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Pedestrian Safety 101: Warehouses & Jobsites

Pedestrian Safety 101: Warehouses & Jobsites

Imagine: you’re finishing up a shift in a warehouse or on a construction site. You’re tired and decide to take a shortcut across an area where equipment is running. You figure that you’ve got quicker reflexes than the equipment, so you’ll be fine. But a quick shortcut can cause you significant harm. 

Forklifts and construction equipment pose inherent dangers to pedestrians. According to data from OSHA and the Bureau of Labor and Statistics, construction sites and warehouses are two of the most dangerous places of employment. 

How do you help keep yourself safe when you share a worksite with forklifts and construction equipment? Whether you work in a warehouse or in construction, follow these tips to help keep yourself safe on the job. 

Header: Warehouses

If you work in a warehouse, you know that forklifts are necessary for daily operations. When you work with equipment regularly, it’s easy to forget how dangerous it can be. Your team should be aware of forklifts and other machinery, and your operators should be aware of pedestrians.

In a warehouse, you can give your team the added security of a consistent environment. You can do this by: 

  1. Designating and marking pedestrian walkways out of the path of forklifts. 
  2. Restricting specific areas to forklift traffic only. 
  3. Adding handrails to increase pedestrian safety. 
  4. Limiting overhead door access to forklifts. 

However, designated pedestrian areas don’t mean your forklift operators don’t have to pay attention. Even when the environment is consistent, people are the changing variables. It’s important that all forklift operators stay vigilant. They can do this by:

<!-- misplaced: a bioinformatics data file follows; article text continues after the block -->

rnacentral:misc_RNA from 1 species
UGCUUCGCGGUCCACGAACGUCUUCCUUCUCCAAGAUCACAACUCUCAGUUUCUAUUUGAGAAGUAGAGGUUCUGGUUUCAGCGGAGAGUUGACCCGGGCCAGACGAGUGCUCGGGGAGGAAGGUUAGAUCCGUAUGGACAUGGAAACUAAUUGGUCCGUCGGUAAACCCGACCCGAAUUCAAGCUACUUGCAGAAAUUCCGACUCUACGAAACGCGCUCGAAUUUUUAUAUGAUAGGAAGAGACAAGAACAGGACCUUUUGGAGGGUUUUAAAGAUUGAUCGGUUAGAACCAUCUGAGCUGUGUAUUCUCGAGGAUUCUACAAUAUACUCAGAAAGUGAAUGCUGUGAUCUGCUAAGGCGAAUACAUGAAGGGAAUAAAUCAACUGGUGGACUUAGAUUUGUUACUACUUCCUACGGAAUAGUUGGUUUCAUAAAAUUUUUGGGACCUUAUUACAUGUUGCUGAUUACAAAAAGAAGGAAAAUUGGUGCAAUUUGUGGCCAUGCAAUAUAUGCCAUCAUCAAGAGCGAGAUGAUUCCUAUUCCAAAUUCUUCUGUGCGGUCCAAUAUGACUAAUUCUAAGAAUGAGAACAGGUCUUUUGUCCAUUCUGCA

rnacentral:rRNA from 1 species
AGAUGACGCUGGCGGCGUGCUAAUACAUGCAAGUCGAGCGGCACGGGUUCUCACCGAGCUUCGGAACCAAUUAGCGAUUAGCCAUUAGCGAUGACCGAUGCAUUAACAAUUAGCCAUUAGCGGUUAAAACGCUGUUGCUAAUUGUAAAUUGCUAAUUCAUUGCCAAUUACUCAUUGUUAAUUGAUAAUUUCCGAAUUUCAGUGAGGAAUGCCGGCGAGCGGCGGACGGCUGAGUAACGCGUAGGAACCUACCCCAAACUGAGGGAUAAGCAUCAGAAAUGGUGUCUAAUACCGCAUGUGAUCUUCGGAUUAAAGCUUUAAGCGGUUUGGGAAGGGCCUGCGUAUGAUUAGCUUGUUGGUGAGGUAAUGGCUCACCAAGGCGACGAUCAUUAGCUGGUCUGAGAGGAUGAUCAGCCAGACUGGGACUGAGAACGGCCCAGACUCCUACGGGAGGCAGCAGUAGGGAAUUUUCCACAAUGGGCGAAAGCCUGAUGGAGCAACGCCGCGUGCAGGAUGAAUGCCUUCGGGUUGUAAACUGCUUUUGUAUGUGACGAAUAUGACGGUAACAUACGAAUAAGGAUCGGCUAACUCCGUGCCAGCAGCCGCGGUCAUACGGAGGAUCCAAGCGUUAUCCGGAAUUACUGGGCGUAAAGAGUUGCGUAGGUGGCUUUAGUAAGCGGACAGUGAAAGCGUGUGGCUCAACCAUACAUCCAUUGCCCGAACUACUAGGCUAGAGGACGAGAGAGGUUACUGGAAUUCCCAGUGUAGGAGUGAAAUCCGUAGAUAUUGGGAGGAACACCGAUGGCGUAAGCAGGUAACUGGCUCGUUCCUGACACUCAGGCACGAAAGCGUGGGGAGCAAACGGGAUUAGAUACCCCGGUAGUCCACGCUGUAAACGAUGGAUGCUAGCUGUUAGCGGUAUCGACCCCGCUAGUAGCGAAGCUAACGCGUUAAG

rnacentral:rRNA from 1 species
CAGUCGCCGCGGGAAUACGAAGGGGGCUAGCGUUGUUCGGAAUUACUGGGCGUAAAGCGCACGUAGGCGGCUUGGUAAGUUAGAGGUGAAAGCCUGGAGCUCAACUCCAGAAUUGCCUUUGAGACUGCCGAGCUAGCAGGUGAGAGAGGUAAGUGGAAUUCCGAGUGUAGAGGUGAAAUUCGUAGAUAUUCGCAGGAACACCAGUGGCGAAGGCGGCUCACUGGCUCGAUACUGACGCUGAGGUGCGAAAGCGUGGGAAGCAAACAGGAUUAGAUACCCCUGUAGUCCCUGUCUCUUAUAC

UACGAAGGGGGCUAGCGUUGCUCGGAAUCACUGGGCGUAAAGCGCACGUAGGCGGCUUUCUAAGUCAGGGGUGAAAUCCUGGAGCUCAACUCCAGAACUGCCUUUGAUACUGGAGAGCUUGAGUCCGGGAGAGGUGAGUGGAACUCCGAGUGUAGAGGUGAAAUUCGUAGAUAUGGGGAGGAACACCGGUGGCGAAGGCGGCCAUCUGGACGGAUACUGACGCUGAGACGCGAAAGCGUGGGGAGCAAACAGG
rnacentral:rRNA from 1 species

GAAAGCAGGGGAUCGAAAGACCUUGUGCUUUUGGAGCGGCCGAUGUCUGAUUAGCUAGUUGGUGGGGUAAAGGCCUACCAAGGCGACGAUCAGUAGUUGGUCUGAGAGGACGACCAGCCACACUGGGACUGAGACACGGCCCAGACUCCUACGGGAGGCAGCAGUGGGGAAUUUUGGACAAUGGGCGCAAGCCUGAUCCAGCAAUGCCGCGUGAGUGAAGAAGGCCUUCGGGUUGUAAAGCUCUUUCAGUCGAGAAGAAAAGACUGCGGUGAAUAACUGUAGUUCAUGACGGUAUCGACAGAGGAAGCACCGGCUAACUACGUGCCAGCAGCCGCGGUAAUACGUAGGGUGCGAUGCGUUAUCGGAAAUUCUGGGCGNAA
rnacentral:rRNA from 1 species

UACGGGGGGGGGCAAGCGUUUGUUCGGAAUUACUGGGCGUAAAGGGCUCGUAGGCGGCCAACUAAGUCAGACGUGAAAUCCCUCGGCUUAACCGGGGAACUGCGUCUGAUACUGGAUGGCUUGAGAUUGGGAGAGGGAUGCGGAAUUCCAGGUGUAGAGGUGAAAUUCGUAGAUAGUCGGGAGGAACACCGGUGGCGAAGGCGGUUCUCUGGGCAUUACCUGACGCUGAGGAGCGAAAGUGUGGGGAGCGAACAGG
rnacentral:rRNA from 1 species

1. Looking out for pedestrians. 
  2. Shouting a warning and honking the horn at intersections, corners, and blind spots. 
  3. Using overhead and rear-view mirrors on forklifts. 
  4. Ensuring alarms and flashing signals are working on all forklifts. In need of alarms or signal lights? Contact our Parts Department to find the ones you need. 
  5. Always yielding the right-of-way to pedestrians. 

Learn more about forklift safety add-ons to help keep your team safe. 

Forklift safety requires additional attention from both operators and pedestrians. By ensuring the forklifts in your environment have the correct safety features, your operators are aware and cautious, and your pedestrian traffic knows where the safe-zones are, you can help pedestrians avoid injury. 

Header: Jobsites

A construction site offers additional pedestrian hazards for a variety of reasons. Beyond ensuring that fellow employees avoid equipment, you have to keep the general public out of your jobsite.

There are rarely consistent “safe zones” for pedestrians on a jobsite, so awareness of your surroundings is vital. 

You can limit pedestrian hazards on your jobsite by doing the following: 

  1. Putting up fencing, and maintaining it regularly, to keep the general public out of your jobsite. 
  2. Maintaining a clean, tidy jobsite. A tidy work area reduces the risk of slips, trips, and falls, and reduces the risk of fire hazards. Always keep access routes clear.
  3. Marking unsafe work areas and ensuring employees don’t cross into unsafe areas. 

On a construction site, operators don’t have the tight corners of a warehouse to worry about. However, since pedestrians can approach from all sides, equipment operators often have to be even more vigilant. Operators can help warn foot traffic of their approach by: 

  1. Installing equipment alarms and flashing signals. On a noisy construction site, flashing signals can be one of the best ways to get an employee’s attention. 
  2. Ensuring equipment has mirrors and always checking blind spots. 
  3. Providing adequate lighting if workers are present after dark. 
  4. Clearing the area before lifting objects, and making sure all loads are secured before lifting. 

Construction sites are inherently dangerous, but you can help keep employees safe on the job with these tips. 

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